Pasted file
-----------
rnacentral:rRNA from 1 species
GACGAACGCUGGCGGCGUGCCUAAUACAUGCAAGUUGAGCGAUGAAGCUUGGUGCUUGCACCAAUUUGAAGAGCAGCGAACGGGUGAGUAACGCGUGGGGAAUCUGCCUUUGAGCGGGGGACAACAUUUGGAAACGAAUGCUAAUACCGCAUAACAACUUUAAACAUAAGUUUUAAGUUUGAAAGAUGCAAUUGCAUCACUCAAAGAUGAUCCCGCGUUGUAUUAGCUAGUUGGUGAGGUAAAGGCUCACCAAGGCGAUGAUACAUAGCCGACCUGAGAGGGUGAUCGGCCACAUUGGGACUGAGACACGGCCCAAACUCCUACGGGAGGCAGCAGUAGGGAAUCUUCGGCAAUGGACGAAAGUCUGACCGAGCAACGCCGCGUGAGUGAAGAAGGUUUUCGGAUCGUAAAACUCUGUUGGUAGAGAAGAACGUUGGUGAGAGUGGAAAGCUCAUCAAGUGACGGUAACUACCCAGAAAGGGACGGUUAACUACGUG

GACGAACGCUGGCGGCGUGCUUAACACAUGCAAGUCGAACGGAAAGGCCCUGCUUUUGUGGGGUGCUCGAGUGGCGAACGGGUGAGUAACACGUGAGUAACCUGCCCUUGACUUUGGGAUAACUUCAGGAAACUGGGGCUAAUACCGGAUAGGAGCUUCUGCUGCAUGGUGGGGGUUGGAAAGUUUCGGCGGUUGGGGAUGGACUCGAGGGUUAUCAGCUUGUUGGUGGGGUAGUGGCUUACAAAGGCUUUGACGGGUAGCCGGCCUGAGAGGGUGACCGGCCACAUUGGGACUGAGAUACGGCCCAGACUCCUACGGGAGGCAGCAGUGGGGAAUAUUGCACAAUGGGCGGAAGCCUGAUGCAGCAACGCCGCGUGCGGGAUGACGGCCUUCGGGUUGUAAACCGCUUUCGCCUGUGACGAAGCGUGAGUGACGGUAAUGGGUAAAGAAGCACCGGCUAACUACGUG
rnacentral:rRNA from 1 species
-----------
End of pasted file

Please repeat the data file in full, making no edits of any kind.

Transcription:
rnacentral:rRNA from 1 species
GACGAACGCUGGCGGCGUGCCUAAUACAUGCAAGUUGAGCGAUGAAGCUUGGUGCUUGCACCAAUUUGAAGAGCAGCGAACGGGUGAGUAACGCGUGGGGAAUCUGCCUUUGAGCGGGGGACAACAUUUGGAAACGAAUGCUAAUACCGCAUAACAACUUUAAACAUAAGUUUUAAGUUUGAAAGAUGCAAUUGCAUCACUCAAAGAUGAUCCCGCGUUGUAUUAGCUAGUUGGUGAGGUAAAGGCUCACCAAGGCGAUGAUACAUAGCCGACCUGAGAGGGUGAUCGGCCACAUUGGGACUGAGACACGGCCCAAACUCCUACGGGAGGCAGCAGUAGGGAAUCUUCGGCAAUGGACGAAAGUCUGACCGAGCAACGCCGCGUGAGUGAAGAAGGUUUUCGGAUCGUAAAACUCUGUUGGUAGAGAAGAACGUUGGUGAGAGUGGAAAGCUCAUCAAGUGACGGUAACUACCCAGAAAGGGACGGUUAACUACGUG

GACGAACGCUGGCGGCGUGCUUAACACAUGCAAGUCGAACGGAAAGGCCCUGCUUUUGUGGGGUGCUCGAGUGGCGAACGGGUGAGUAACACGUGAGUAACCUGCCCUUGACUUUGGGAUAACUUCAGGAAACUGGGGCUAAUACCGGAUAGGAGCUUCUGCUGCAUGGUGGGGGUUGGAAAGUUUCGGCGGUUGGGGAUGGACUCGAGGGUUAUCAGCUUGUUGGUGGGGUAGUGGCUUACAAAGGCUUUGACGGGUAGCCGGCCUGAGAGGGUGACCGGCCACAUUGGGACUGAGAUACGGCCCAGACUCCUACGGGAGGCAGCAGUGGGGAAUAUUGCACAAUGGGCGGAAGCCUGAUGCAGCAACGCCGCGUGCGGGAUGACGGCCUUCGGGUUGUAAACCGCUUUCGCCUGUGACGAAGCGUGAGUGACGGUAAUGGGUAAAGAAGCACCGGCUAACUACGUG
rnacentral:rRNA from 1 species